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No clear direction for oil prices after mixed EIA report

U.S. estimate for oil prices for this year revised upward, but 2017 looks worse.

By Daniel J. Graeber
No clear direction for oil prices after mixed EIA report
Oil prices move with no clear direction in early Thursday trading after a U.S. report sends mixed market signals. File photo by Monika Graff/UPI | License Photo

NEW YORK, Oct. 13 (UPI) -- Crude oil prices searched for direction in early Thursday trading after the U.S. market turned back toward the supply side, though China showed higher demand.

Crude oil prices moved lower for most of the week, following an unprecedented rally that met a move by members of the Organization of Petroleum Exporting Countries in late September to work toward a production cap. Oil turned south in Wednesday trading after OPEC reported its own crude oil production had moved above the high end of a production ceiling proposed last month in Algeria.

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The American Petroleum Institute, meanwhile, reported late Wednesday that crude oil inventories in the United States rose by 2.7 million barrels, a reversal of recent trends showing a draw on supplies. China, meanwhile, reported its crude oil imports set a record in September, and the two data points combined to give oil prices an uncertain start to the trading day Thursday.

The prices for Brent crude oil moved higher by 0.1 percent to start the day at $51.83 per barrel. West Texas Intermediate, the U.S. benchmark price for crude oil, gained 0.04 percent to open in New York at $50.20 per barrel.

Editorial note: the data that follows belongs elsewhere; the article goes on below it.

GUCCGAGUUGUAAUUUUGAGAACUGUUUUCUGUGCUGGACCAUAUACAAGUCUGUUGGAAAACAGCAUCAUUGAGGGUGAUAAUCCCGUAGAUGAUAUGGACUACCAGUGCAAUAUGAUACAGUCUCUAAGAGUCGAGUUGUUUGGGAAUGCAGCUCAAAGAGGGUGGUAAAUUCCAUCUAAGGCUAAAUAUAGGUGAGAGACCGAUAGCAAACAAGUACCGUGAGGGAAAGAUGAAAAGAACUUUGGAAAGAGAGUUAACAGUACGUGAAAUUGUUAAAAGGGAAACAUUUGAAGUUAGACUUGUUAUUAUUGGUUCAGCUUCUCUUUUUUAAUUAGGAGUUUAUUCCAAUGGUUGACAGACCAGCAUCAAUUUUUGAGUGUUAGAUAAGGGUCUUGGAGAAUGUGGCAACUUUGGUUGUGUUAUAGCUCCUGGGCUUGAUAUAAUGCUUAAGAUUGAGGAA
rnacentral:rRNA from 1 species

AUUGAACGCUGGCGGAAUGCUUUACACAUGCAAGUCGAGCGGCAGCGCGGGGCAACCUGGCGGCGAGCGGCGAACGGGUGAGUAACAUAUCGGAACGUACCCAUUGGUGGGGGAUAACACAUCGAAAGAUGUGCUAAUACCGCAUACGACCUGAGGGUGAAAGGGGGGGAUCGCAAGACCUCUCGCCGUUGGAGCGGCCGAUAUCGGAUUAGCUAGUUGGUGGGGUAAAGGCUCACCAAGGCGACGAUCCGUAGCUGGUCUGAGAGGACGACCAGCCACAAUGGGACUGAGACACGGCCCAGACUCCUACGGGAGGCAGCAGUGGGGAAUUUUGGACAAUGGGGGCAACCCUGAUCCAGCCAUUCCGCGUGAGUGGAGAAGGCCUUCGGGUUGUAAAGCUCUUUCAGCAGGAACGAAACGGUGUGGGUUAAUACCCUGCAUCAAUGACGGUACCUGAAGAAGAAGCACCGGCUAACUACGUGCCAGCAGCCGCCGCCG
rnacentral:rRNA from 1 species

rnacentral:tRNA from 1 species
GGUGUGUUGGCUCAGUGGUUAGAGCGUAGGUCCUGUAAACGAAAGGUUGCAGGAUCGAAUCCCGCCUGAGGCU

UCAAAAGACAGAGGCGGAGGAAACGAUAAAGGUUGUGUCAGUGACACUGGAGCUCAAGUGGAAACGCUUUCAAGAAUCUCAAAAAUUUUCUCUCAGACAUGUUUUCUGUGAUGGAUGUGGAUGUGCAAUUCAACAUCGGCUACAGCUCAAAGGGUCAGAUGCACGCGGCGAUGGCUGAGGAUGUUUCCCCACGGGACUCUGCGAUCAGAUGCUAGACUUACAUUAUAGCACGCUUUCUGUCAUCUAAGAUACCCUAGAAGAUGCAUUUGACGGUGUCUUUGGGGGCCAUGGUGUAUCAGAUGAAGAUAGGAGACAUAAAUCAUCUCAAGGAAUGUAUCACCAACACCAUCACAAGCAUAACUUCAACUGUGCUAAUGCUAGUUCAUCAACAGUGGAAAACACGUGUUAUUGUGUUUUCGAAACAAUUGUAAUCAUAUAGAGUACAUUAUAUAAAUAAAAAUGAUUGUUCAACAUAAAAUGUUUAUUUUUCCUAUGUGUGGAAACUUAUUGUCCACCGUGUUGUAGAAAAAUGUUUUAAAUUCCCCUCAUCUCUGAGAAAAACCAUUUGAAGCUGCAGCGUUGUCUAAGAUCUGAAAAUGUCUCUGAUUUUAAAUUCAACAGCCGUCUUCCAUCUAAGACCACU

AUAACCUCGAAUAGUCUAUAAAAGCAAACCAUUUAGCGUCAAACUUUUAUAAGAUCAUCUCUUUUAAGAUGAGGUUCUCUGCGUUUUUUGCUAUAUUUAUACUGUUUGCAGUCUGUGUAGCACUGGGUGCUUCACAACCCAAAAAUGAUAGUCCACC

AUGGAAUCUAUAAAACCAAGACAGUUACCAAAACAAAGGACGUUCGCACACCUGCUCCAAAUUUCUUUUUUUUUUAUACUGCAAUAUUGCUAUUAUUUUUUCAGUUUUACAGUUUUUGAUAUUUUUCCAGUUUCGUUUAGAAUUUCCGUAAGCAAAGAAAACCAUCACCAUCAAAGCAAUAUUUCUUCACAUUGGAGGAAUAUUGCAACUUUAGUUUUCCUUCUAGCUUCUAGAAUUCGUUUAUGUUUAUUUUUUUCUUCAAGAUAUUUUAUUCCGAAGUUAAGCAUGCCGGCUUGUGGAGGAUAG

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RELATED OPEC data show a cut is necessary to meet Algerian proposal

Movements could be fluid as investors digest the latest short-term market report from the U.S. Energy Information Administration. EIA offered a mixed forecast for the price for crude oil, raising its prediction for Brent by $1 per barrel for 2016 to $43 per barrel for the full year average, but lowering its 2017 estimate by $1 per barrel to $51 per barrel.

Gains in North American crude oil production, largely from U.S. shale basins, helped erased $50 from the cost per barrel of oil as markets tilted heavily toward the supply side. EIA forecasts full-year 2016 production will be about 7.5 percent less than last year. Its estimate of 8.6 million barrels per day next year, an estimate that's 1 percent lower than this year, was revised higher, however, by 100,000 barrels per day.

A treasury official in the shale-rich state of Oklahoma said last week that, if OPEC members agree on a production cap, the resulting increase in crude oil prices could boost production from the state.

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On the economic front, the U.S. Labor Department reported hiring was tightening with the weekly number of first-time claims for unemployment holding steady. The less-volatile four-week moving average, however, was revised lower by 3,500.

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A U.S. rate hike, which may be contingent on the strength of the labor sector, would lift the value of the U.S. dollar and make oil more expensive for those traders who do business in other currencies.

In terms of the North American energy sector, Texas, the No. 1 oil producer in the United States, was among the top three in terms of declines in first-time claims for unemployment.

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